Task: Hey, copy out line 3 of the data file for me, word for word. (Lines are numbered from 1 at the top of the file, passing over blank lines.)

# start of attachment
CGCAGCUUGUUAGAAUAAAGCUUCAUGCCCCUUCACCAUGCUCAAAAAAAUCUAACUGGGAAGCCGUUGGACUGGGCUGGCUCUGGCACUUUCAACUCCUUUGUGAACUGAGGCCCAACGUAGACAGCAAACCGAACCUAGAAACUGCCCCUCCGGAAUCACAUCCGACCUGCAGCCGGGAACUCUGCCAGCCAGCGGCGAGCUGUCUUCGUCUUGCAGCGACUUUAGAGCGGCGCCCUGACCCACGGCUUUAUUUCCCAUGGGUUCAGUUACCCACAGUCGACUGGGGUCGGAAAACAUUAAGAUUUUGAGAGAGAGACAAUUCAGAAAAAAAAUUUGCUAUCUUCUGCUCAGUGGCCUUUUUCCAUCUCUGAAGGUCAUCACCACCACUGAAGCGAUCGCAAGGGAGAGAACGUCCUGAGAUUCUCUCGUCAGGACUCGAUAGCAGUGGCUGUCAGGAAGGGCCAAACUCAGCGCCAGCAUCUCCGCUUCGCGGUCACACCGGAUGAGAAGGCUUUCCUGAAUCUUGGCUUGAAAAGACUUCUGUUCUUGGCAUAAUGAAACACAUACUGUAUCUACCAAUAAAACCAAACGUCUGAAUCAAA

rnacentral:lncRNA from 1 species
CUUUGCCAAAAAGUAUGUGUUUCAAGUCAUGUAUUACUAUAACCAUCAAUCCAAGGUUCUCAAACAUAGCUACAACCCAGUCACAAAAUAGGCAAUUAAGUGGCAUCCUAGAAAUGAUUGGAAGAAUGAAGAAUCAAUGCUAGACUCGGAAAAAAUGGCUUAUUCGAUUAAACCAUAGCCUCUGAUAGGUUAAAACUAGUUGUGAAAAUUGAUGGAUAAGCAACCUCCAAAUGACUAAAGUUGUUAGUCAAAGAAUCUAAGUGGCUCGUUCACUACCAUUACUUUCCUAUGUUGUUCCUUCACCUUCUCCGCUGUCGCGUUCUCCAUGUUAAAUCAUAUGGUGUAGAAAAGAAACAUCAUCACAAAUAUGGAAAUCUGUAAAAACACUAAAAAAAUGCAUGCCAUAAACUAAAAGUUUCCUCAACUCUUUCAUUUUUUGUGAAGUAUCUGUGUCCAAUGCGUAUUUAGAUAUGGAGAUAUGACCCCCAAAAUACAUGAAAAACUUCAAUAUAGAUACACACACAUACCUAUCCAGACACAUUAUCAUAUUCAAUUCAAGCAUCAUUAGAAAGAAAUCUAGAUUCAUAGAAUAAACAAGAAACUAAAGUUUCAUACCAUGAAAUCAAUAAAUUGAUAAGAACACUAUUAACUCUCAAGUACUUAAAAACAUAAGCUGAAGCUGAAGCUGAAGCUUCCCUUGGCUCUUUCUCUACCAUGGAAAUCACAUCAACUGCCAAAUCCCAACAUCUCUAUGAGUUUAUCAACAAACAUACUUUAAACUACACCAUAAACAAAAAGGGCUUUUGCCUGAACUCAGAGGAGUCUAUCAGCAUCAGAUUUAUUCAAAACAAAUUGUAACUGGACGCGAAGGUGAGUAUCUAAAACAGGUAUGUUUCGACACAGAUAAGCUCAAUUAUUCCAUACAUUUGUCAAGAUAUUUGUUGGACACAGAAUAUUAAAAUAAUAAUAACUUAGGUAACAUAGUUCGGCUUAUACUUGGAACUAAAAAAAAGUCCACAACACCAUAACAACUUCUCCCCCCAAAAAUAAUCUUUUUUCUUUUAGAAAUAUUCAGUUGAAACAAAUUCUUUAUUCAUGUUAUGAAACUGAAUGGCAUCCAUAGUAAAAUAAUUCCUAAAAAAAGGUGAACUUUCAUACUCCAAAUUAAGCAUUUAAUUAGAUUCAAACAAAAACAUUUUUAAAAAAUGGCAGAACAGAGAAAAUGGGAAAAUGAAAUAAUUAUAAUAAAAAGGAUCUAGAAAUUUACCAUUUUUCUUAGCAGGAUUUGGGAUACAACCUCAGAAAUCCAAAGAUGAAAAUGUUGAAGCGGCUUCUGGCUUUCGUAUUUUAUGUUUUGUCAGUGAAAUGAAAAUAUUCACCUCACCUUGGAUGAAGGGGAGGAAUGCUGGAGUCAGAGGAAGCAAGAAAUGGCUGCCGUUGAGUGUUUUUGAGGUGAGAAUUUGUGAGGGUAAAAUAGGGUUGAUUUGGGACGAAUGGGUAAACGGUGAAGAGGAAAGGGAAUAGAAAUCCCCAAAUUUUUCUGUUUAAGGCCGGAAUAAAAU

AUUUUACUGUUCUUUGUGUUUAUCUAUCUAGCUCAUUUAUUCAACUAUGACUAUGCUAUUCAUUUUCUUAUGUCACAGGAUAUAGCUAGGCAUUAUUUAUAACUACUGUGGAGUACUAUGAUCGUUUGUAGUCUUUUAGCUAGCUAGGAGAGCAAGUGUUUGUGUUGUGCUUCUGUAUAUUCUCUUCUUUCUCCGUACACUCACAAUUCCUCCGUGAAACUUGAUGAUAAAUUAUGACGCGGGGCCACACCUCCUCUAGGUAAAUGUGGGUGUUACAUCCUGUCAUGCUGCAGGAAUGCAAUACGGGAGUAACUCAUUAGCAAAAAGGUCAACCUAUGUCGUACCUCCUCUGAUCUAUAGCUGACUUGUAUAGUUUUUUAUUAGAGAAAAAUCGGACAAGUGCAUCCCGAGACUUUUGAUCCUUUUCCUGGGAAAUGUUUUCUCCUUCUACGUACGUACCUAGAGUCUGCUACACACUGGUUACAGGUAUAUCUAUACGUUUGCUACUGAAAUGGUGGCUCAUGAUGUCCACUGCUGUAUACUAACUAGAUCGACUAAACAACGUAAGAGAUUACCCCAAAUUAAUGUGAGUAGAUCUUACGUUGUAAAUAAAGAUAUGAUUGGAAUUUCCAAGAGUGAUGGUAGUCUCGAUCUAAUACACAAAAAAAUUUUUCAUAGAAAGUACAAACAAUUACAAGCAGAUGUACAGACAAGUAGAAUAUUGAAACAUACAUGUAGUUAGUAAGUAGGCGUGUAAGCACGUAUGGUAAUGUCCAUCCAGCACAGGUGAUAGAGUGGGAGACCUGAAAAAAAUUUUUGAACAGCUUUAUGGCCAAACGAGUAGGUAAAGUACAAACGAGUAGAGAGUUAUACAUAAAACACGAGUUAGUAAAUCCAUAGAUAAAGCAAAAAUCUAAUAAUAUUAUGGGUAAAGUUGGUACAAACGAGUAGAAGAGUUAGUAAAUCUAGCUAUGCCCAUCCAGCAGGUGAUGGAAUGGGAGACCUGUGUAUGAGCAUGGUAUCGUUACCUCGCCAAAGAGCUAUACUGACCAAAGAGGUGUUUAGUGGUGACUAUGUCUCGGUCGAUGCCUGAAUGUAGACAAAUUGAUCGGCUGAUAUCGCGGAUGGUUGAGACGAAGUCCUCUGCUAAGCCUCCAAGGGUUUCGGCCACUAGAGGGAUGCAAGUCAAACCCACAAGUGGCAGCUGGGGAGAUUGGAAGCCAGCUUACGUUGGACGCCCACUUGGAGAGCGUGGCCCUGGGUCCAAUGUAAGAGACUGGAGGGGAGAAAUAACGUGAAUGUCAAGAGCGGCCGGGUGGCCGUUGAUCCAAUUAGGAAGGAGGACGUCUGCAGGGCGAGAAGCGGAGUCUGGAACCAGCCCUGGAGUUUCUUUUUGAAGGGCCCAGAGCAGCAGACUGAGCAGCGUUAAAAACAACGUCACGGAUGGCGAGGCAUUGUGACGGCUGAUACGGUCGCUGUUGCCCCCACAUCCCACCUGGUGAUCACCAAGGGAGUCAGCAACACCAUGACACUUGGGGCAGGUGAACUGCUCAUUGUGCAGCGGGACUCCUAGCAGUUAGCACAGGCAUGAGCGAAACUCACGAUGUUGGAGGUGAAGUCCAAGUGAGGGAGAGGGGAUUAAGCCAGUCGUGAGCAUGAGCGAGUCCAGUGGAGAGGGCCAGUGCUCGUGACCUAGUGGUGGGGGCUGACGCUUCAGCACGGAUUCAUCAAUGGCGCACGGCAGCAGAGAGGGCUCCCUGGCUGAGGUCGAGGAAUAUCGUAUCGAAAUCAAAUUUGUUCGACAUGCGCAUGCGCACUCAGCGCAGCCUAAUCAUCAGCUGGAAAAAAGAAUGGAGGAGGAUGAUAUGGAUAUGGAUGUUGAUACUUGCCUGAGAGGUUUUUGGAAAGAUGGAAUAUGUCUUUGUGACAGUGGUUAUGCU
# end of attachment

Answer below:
CUUUGCCAAAAAGUAUGUGUUUCAAGUCAUGUAUUACUAUAACCAUCAAUCCAAGGUUCUCAAACAUAGCUACAACCCAGUCACAAAAUAGGCAAUUAAGUGGCAUCCUAGAAAUGAUUGGAAGAAUGAAGAAUCAAUGCUAGACUCGGAAAAAAUGGCUUAUUCGAUUAAACCAUAGCCUCUGAUAGGUUAAAACUAGUUGUGAAAAUUGAUGGAUAAGCAACCUCCAAAUGACUAAAGUUGUUAGUCAAAGAAUCUAAGUGGCUCGUUCACUACCAUUACUUUCCUAUGUUGUUCCUUCACCUUCUCCGCUGUCGCGUUCUCCAUGUUAAAUCAUAUGGUGUAGAAAAGAAACAUCAUCACAAAUAUGGAAAUCUGUAAAAACACUAAAAAAAUGCAUGCCAUAAACUAAAAGUUUCCUCAACUCUUUCAUUUUUUGUGAAGUAUCUGUGUCCAAUGCGUAUUUAGAUAUGGAGAUAUGACCCCCAAAAUACAUGAAAAACUUCAAUAUAGAUACACACACAUACCUAUCCAGACACAUUAUCAUAUUCAAUUCAAGCAUCAUUAGAAAGAAAUCUAGAUUCAUAGAAUAAACAAGAAACUAAAGUUUCAUACCAUGAAAUCAAUAAAUUGAUAAGAACACUAUUAACUCUCAAGUACUUAAAAACAUAAGCUGAAGCUGAAGCUGAAGCUUCCCUUGGCUCUUUCUCUACCAUGGAAAUCACAUCAACUGCCAAAUCCCAACAUCUCUAUGAGUUUAUCAACAAACAUACUUUAAACUACACCAUAAACAAAAAGGGCUUUUGCCUGAACUCAGAGGAGUCUAUCAGCAUCAGAUUUAUUCAAAACAAAUUGUAACUGGACGCGAAGGUGAGUAUCUAAAACAGGUAUGUUUCGACACAGAUAAGCUCAAUUAUUCCAUACAUUUGUCAAGAUAUUUGUUGGACACAGAAUAUUAAAAUAAUAAUAACUUAGGUAACAUAGUUCGGCUUAUACUUGGAACUAAAAAAAAGUCCACAACACCAUAACAACUUCUCCCCCCAAAAAUAAUCUUUUUUCUUUUAGAAAUAUUCAGUUGAAACAAAUUCUUUAUUCAUGUUAUGAAACUGAAUGGCAUCCAUAGUAAAAUAAUUCCUAAAAAAAGGUGAACUUUCAUACUCCAAAUUAAGCAUUUAAUUAGAUUCAAACAAAAACAUUUUUAAAAAAUGGCAGAACAGAGAAAAUGGGAAAAUGAAAUAAUUAUAAUAAAAAGGAUCUAGAAAUUUACCAUUUUUCUUAGCAGGAUUUGGGAUACAACCUCAGAAAUCCAAAGAUGAAAAUGUUGAAGCGGCUUCUGGCUUUCGUAUUUUAUGUUUUGUCAGUGAAAUGAAAAUAUUCACCUCACCUUGGAUGAAGGGGAGGAAUGCUGGAGUCAGAGGAAGCAAGAAAUGGCUGCCGUUGAGUGUUUUUGAGGUGAGAAUUUGUGAGGGUAAAAUAGGGUUGAUUUGGGACGAAUGGGUAAACGGUGAAGAGGAAAGGGAAUAGAAAUCCCCAAAUUUUUCUGUUUAAGGCCGGAAUAAAAU